Young adults' experiences of day surgery: Feeling safe : A qualitative descriptive study

Neely, Kaye L. (Kaye Louise)
Wong, Grace
Jones, Marion
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Master of Health Science
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Auckland University of Technology

The number of procedures being undertaken as day surgery is increasing. Understanding the young adults’ experiences of day surgery in the New Zealand context is central to providing appropriate nursing care.

The purpose of this qualitative descriptive pilot study was to explore and describe the perioperative experience of young adults undergoing a day surgery procedure using a semi structured interview format six to eight weeks post surgery. Five young adults, aged between 18-25 years, who had undergone a general anaesthetic as day surgery patients in a small, private oral surgery unit in New Zealand, were interviewed. The data was analysed thematically.

The overall findings of this study are the perceptions of feeling safe through a positive nurse-patient partnership that is interwoven in the themes. Safety is both physical and psychological.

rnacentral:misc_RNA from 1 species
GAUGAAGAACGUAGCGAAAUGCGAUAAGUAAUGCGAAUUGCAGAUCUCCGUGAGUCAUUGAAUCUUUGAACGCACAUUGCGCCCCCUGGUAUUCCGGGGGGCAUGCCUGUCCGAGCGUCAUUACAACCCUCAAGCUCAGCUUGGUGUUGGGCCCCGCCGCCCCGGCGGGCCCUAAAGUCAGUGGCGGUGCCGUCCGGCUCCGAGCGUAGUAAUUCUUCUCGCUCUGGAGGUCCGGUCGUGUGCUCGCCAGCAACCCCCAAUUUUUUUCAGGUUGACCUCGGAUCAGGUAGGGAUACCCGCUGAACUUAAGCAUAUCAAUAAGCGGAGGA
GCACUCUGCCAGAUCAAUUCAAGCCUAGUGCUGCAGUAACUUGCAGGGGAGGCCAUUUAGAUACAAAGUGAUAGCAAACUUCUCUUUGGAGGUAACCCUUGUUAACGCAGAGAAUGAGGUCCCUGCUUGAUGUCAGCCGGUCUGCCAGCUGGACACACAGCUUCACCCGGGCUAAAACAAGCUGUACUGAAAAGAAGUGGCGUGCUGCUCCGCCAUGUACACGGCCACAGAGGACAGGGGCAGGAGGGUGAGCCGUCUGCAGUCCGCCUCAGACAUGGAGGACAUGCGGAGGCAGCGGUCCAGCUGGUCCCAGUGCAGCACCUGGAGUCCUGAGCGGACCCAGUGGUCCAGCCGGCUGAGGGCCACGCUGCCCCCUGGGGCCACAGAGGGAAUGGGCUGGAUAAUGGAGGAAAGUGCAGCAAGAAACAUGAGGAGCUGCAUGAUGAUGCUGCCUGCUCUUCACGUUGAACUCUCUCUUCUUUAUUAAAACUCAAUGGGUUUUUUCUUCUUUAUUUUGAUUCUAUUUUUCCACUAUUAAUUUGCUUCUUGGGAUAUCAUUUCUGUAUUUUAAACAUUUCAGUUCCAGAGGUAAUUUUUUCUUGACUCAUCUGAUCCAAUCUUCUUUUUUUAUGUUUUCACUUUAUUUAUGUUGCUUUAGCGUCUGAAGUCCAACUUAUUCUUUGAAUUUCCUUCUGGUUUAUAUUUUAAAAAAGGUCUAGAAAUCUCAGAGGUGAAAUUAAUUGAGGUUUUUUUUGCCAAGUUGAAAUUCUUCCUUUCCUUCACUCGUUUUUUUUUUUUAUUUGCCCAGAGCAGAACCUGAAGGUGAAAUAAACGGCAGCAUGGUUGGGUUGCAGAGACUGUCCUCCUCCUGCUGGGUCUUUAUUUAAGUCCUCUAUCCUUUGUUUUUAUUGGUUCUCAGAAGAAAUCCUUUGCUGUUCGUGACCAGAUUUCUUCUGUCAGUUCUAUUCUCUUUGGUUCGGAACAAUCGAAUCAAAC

Themes identified were ‘not knowing’, ‘feeling reassured’, ‘confusion and disorientation’, ‘surprise’, ‘pain and discomfort’, and ‘being good’. Some of the themes identified in this study occurred in more than one time frame of the young adults’ day surgery experience.

The results indicated that even though the participants felt well informed, they did not know what to expect and were surprised with some aspects of their experience. The participants said they needed to feel the presence of the nurse or family immediately post operatively and needed to be cared for.

Recommendations for practice include encouraging perioperative nurses to practice in a positive nurse-patient partnership and ensure information provision is provided in an appropriate manner that they are able to understand and comprehend. Suggested areas for further research include regional and national studies in private and public settings; studies using a diverse range of surgery; studies of nursing practice in various surgery settings in the New Zealand context; and studies looking at interprofessional practice in day surgery settings.

Ambulatory surgery , Patients , Psychology , Surgery
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